Amid China-US Maritime Tension, Chinese Rear Admiral Is Sacked

Song Xue, a rear admiral and deputy chief of staff of the People’s Liberation Army (PLA) Navy was removed from his post as a delegate to the regime’s rubber-stamp legislature and suspected of “serious violation of discipline and law,” according to a notice from the Standing Committee of the legislature on April 29.

According to an article by the Beijing Youth Daily WeChat official account “Politics and Insights,” the notice stated that in the past six years, Song was the first high-ranking navy general sacked after Cheng Jie, deputy chief of staff of the North Sea Fleet of the Navy, who was put under investigation in 2015.

It also indicated that five military delegates to the legislature were previously disqualified because of serious violations of discipline. However, Song is the first military official who is suspected of serious violations.

According to the article, Xong’s purge is believed to be a signal that Xi Jinping’s anti-corruption effort in the army has been enhanced.

Song, 62, used to be deputy chief of the navy’s equipment department. He became a deputy to the legislature in February 2018.

Song was once the secretary of late navy deputy commander He Pengfei, and he is therefore known as a member of the former military official’s “secretary gang.” These powerful secretaries of state-level officials were often promoted to hold high-ranking positions and their deep involvement in corruption cases has them labeled as the “secretary gang.” It is therefore believed that Song was removed because of suspected involvement in corruption.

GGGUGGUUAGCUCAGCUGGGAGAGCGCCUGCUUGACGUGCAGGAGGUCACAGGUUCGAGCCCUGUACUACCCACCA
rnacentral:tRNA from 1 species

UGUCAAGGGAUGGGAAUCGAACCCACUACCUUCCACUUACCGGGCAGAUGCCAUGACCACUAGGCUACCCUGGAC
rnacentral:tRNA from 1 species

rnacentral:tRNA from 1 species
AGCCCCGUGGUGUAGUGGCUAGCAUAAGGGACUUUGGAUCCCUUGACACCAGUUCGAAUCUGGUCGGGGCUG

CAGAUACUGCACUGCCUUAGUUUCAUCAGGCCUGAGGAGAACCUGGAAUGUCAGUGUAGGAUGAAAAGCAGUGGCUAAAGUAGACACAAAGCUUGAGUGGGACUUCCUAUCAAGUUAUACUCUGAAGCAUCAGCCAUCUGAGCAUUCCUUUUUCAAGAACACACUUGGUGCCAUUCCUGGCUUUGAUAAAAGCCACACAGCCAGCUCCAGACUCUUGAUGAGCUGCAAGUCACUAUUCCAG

After Xu Caihou, former party leader Jiang Zemin’s military spokesperson and former vice-chairman of the CCP’s Military Commission was purged in March 2014, Xi Jinping’s anti-corruption campaign started to target Xu Caihou’s military connections in northeastern China. Xu started his career in Northeastern China and was given the name of “northeastern tiger.”

An article titled “Connections, Father-son Relationships, Secretary Relationships of Generals in Active Duty After 2012” went viral online on July 14, 2014. The article exposed the list of the CCP’s army princelings and secretary gangs. The list was subsequently deleted from the Chinese network.

Epoch Times Photo
Song Xue, deputy chief of the staff of the people’s liberation army navy, was removed from the post of the regime’s rubber-stamp legislature deputy. (The Epoch Times)

Recently, the United States and Chinese navies have engaged in unprecedented large-scale maritime confrontations, involving countries such as Japan and Taiwan in the north, Australia and Indonesia in the south, and the Philippines in the east. From the East China Sea to the Taiwan Strait to the South China Sea in the surrounding areas of China, a series of mutual deterrence campaigns between the U.S. and China’s naval forces marks the escalation of a Cold War.

Song had made many public appearances to the outside world to promote the construction and development of the communist navy’s aircraft carriers.

According to the regime’s mouthpiece Xinhua News in 2012, “The media disclosed for the first time the details of the entire process of the J-15 landing on the Liaoning aircraft carrier.” In this article, Song was interviewed as “deputy commander-in-chief of takeoff and landing test mission of J-15 carrier-based aircraft.”

The “Politics and Insights” article also explained that Song accepted multiple interviews to talk about the construction of Chinese carriers. For instance, in April 2013, he said that thousands of Chinese companies professional in technical systems such as ships, aviation, and electronics, had participated in the construction of the first Chinese carrier.

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Mary Hong
Author: Mary Hong

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